WDC is strongly supportive and is right now working with HCC and Waipa on the feasibility of this as each council considers the benefits a region-wide approach might deliver to all their respective ratepayers – it delivers great benefits and allows maximum flexibility for users.

2. WDC will (from October onwards) have a saving in what used to be spent with HCC; this could be used to rent space in, for example, the new commercial hub. Clearly additional funding over and above the rent has to be available for library staffing and so on – and such funding has not been committed to by Council – but in speaking with [building contractor] Fosters, there is capacity inside the hub to rent such space.

The first buildings are due to open in November, the next to follow in 2019, and securing space for a local library (with adjacent playgrounds, cafe, sports park, bus stops etc) would be a good step forward. It would put us on par with other communities in WDC like Huntly, Raglan and Tuakau that all have a local library.

Please note this option would also require capital budget for the purchase of books etc which is not currently in WDC’s budget – and not only Tamahere and Matangi but also Eureka, Gordonton and other are affected by this decision: the full $300,000 is not available to spend here [Tamahere/Matangi] locally.

3. Return to an access arrangement with HCC – negotiate a more sustainable and appropriate arrangement going forward. Clearly this negotiation has not been successful to date and the failure to reach agreement led us to where we are now; I have no issue seeking to re-activate the discussion directly. It is obviously the quickest option to activate and provides a return to the status quo. I cannot be sure of HCC’s appetite or conditions required, nor the likelihood of success but I have no problem also prioritising exploring this approach as the current feedback suggests this status quo may be enough.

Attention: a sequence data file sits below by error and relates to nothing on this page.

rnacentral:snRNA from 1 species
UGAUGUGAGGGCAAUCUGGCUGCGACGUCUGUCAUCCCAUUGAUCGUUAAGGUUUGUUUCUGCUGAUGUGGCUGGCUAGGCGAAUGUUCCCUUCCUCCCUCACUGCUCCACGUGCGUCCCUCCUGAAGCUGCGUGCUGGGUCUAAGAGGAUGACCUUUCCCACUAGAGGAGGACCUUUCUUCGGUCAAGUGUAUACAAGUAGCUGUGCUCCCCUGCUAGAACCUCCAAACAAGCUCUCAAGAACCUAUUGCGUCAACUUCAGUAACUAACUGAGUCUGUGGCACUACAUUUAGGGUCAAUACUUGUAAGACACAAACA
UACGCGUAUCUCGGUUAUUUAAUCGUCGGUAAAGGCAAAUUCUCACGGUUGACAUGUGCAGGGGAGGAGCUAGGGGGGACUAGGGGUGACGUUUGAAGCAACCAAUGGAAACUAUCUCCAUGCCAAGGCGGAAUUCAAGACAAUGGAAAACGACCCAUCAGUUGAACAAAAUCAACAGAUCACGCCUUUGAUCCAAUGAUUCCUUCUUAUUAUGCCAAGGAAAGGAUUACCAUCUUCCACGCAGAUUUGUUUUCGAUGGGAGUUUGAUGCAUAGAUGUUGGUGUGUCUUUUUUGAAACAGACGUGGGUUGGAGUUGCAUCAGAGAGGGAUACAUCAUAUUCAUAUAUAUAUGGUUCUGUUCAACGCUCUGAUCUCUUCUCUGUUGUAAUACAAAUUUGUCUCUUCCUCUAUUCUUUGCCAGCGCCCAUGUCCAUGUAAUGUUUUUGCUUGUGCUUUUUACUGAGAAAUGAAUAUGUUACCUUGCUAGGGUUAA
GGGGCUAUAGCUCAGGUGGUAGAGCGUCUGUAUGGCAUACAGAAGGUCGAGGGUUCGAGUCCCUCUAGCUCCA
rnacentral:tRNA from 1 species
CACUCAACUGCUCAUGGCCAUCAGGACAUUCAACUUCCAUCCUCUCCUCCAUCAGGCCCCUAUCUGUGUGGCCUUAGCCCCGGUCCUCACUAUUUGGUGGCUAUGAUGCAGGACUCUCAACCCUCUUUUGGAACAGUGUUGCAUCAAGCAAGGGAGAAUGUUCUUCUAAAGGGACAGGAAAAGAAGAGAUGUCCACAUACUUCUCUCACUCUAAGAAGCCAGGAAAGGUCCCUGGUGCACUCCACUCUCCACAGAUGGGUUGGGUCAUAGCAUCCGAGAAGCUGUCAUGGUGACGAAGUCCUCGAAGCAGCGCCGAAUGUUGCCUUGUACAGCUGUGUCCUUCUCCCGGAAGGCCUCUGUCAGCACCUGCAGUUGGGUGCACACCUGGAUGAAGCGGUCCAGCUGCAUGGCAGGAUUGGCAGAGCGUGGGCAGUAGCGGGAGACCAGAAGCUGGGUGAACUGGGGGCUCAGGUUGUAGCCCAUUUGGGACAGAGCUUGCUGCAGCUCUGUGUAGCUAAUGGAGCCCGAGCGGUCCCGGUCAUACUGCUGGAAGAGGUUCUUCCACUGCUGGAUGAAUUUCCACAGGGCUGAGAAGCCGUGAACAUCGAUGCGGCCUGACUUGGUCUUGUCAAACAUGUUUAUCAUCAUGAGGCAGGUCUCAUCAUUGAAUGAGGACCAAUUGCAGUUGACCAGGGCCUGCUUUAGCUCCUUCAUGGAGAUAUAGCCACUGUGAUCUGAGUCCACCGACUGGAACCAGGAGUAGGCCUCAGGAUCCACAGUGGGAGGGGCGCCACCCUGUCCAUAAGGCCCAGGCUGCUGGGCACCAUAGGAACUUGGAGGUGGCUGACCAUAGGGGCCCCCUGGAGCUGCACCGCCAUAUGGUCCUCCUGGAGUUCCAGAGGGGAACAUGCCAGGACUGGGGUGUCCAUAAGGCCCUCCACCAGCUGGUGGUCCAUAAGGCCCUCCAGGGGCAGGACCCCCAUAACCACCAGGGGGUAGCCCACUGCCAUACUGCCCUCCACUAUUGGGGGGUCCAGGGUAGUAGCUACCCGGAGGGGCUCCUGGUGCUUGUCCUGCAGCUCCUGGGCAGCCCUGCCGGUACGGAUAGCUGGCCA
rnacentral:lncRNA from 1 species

“It is regrettable (and I reiterate my apologies for this) that the interim voucher system to allow continued access to the HCC library did not appear to provide the satisfactory holding pattern hoped for.

“I trust this sheds some further light on the issue – I am listening, I have heard,” Bech concluded.

To contact Bech, email: aksel.bech@waidc.govt.nz

More on this topic: Hamilton library access to end

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3 Comments to “Cr replies to library “passion””

  1. Kitty Burton says:

    Thank you Aksel
    I am perplexed that if 1. is a real option (within a couple of months) why any change was made to the agreement with HCC.
    If the whole district was able to comment on the continuation of the service ( a survey a carried out before 1. was presented as an option) then the fact that so many people supported the continuation should have been enough to leave the scheme alone until a better one was found. We are told that was the intention but it was “unsuccessful” without any clarification about what could not be agreed. I guess we can assume that WDC was offering up to $200,000 of the previous rate given it is willing to fund 2390 memberships ($191200) and deprive the other 1140 current active members and any potential new members of free library access.
    My understanding from the statements made is that there is $300,000 allocated in the budget to this purpose and no plan of how to spend the $100,000 + “saving” given there will be months of consultation so it would seem both reasonable and fair to restore access for all WDC residents for this year while the next plan is discussed and made. How can this be achieved – a recommendation to your fellow councillors perhaps, Aksel?

  2. Marg Forde says:

    Thanks Pippa and Tamahere Forum for your sterling work on this issue

  3. Jamie says:

    Thank you for at least listening now… The only real solution is Option 3. Return to an access arrangement with HCC. This is what the people want and I think this is only the beginning of the “outrage”, so suggest you act swiftly and make this happen. Do that, come back the hero and be re-elected.